Then, a data scientist creates a model. While model development differs from traditional programming, in the end, a model is nothing but code and must be managed as such: artifacts to produce the model are just source code that must be stored and versioned in a revision control tool. It must be tested, so that accuracy is high before they are deployed. Tests in ML are somewhat elaborate, as they typically include tuning hyperparameters and cross-validation. Finally, it should be monitored, so that the quality of the predictions is not compromised by a lack of quality in the data. There is also monitoring the accuracy of predictions, a subject we will come back later.

These steps boil down to building the same kind of data pipelines as in traditional BI-style analytics (granted, some of the tools are different), and can be managed for faster delivery and better quality with the same DataOps methodology:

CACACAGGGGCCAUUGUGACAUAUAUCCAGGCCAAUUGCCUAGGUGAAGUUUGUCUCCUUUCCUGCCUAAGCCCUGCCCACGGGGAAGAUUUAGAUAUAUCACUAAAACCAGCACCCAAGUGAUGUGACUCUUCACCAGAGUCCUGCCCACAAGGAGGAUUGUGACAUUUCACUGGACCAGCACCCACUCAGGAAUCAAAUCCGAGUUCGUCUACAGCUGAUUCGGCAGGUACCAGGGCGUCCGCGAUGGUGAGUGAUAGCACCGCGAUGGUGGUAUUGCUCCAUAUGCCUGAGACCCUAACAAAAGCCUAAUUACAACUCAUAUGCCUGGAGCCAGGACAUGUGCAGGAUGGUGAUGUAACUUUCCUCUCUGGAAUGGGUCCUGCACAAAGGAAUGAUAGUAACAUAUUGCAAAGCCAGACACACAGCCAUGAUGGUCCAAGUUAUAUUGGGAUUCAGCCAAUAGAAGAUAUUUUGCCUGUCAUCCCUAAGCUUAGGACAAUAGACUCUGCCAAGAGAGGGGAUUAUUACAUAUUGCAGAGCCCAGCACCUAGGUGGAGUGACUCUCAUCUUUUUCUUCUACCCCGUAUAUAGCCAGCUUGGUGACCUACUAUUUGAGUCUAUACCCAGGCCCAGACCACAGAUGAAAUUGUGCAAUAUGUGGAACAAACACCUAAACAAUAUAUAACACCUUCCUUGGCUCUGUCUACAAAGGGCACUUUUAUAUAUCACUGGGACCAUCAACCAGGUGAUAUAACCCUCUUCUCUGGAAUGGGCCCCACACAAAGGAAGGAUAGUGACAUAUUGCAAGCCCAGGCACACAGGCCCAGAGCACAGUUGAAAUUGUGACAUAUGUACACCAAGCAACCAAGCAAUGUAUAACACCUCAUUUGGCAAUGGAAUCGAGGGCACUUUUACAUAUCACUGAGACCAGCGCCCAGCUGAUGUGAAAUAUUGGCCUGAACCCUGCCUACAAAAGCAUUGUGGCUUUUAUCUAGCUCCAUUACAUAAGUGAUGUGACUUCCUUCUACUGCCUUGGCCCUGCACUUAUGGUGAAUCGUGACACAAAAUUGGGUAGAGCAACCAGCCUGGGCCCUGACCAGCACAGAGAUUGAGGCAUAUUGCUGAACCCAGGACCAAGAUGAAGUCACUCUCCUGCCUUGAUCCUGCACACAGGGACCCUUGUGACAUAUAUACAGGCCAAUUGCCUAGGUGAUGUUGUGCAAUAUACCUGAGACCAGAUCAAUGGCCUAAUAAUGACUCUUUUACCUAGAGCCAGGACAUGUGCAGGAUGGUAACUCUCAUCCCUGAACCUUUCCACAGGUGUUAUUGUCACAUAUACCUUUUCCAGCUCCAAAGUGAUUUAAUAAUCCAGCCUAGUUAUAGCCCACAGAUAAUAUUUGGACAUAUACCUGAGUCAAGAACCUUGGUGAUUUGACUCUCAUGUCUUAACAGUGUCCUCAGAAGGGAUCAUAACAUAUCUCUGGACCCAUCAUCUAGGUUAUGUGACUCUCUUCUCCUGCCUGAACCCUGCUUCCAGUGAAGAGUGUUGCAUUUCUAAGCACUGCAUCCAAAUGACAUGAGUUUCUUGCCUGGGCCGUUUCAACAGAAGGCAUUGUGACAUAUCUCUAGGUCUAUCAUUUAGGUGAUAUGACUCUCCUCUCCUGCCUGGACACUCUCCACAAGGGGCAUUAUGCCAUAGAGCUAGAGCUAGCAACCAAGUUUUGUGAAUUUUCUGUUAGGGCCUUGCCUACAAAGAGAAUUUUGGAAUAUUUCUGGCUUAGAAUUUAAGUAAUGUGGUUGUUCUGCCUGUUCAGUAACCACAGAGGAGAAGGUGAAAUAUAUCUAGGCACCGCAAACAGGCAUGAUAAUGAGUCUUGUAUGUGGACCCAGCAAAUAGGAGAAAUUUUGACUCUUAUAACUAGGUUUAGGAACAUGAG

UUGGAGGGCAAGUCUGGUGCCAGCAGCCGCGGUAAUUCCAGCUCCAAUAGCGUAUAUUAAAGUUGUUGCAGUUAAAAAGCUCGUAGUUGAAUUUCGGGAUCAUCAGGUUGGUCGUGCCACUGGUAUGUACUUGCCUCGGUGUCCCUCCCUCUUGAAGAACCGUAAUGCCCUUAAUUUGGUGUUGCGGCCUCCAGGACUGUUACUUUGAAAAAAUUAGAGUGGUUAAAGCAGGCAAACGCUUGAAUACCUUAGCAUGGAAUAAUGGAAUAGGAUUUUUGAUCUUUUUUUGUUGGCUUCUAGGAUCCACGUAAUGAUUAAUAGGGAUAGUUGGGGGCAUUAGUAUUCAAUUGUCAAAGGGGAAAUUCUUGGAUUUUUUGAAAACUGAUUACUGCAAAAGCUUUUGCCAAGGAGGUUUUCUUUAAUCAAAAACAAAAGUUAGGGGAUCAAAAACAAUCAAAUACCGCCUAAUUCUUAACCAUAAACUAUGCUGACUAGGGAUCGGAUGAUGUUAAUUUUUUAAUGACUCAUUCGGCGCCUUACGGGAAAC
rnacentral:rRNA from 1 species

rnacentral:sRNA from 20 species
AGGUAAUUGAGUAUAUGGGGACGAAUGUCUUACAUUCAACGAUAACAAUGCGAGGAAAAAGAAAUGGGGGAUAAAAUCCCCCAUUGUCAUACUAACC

• Orchestrating data pipelines built with different tools,
  • Managing several development environments using branch-and-merge revision control tools,
  • Deploying analytics to production using infrastructure-as-code techniques (as in DevOps), and
  • Automating tests that monitor quality both for the code (as in DevOps) and the data.

We hope we have made the point that whatever specific set of tools and frameworks, consistent with this DataOps methodology, you adopt for a traditional data management project, can also be applied to an ML-based analytics project.

Now, are there any MLOps goals that cannot be attained by judiciously applying DataOps? Does the specific nature of a supervised ML model, namely, that it is built by learning the data it is trained with, imply any special capability not covered by well-managed DevOps-style pipelines?